G7 Leaders: World Needs to Phase Out Carbon Emissions
From Climate Central
By Brian Kahn
Barack Obama, Angela Merkel and the other leaders of the world’s seven largest economies met in Germany for wide-ranging discussions on the state of the world on Sunday and Monday. Climate and energy were high on the agenda with concurrent climate talks happening in Bonn and major negotiations set for Paris later this year.
The G7 meeting has helped set the bar for Paris in a wide-ranging communiqué that outlines the future for the world’s economy.
The document makes a historic commitment to stop pumping greenhouse gases into the atmosphere by century’s end, with a 40-70 percent reduction guidepost at 2050. While the call for decarbonization is some of the strongest language yet of how some of the world’s most powerful countries want to deal with climate change, there are few clues of how they plan to get there. However, the few clues that have emerged could give raise eyebrow about how serious the G7 leaders are about dealing with climate change in the present.
The Big News: Emissions Must Fall and Everyone Has a Role
Here’s the money quote from the G7 declaration:
“Mindful of this (2°C) goal and considering the latest IPCC results, we emphasize that deep cuts in global greenhouse gas emissions are required with a decarbonisation of the global economy over the course of this century.”
That means that the G7 leaders want to say goodbye to carbon as the driving force behind the economy. They also set a 2050 mark of reducing emissions 40-70 percent below 2010 levels.
The countries that comprise the G7 account for a third of global carbon emissions. So while their efforts are key, it’s clear both in the language of the document and the carbon calculus that all the world’s countries will have to get involved.
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The cold, hard math of emissions cuts also indicates that for all the continued bluster about the 2°C goal, the current emissions reductions pledges — including those from G7 countries — are inadequate to reach it. What’s more, decarbonizing by the end of the century doesn’t necessarily keep global warming below that level. In other words, there’s a lot of ground to make up and while the desire to reduce warming — and all the impacts that come with it — is there, the mechanisms and political will currently are not.
Even getting that language into the document was a stretch. Canada and Japan both pushed back against it, which shouldn’t be too much of a surprise as both countries’ climate plans have been rated as inadequate. Canada also has vast oil resources in its tar sands, which represent a major boon to its economy (and global carbon emissions).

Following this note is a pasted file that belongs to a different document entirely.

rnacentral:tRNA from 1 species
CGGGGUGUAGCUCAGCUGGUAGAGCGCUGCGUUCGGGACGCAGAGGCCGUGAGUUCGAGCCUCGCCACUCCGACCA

Gas Gets a Shoutout
Wind, solar and other renewable forms of energy seem like a slam dunk when it comes to reducing greenhouse gas emissions. Yet none of those are mentioned in the G7 document. Nor is any other specific form energy, save form one: natural gas.
Couple that with a recently published letter from “Big Oil” that asked for a carbon tax while also stumping for natural gas and you get the sense that major energy producers and economies alike see natural gas as a lower emissions bridge away from oil and coal.
Some research has questioned if natural gas is actually as big a bridge to clean energy as its proponents say. The biggest knock is that while natural gas burns cleaner than coal, enough methane, a potent greenhouse gas, could beleaking from pipelines and wells to negate any of those benefits.
Despite these questions, it’s becoming clearer and clearer that gas will have a role to play in combatting — or contributing — to climate change.
Money for the Climate Adaptation, Not Fossil Fuels
The G7 document signals a renewed commitment to meeting the $100 billion target for the Green Climate Fund while also pulling money out of fossil fuel subsidies.
The Green Climate Fund is a United Nations-run endeavor that aims to support developing countries as they adapt to the challenges climate change poses, while also helping them reduce their emissions. It currently has about $10 billion in commitments, but that’s a small percentage of the $100 billion goal the fund has set for 2020. The G7’s affirmation to reach that $100 billion goal is a strong signal to other countries as well as private donors of its importance.
Committing to end fossil fuel subsidies, which have reached an estimated $548 billion annually according to the International Energy Agency, could provide one pot of money to help with the Green Climate Fund. Whether that’s the case (and if those subsidies are indeed phased out) is another huge question.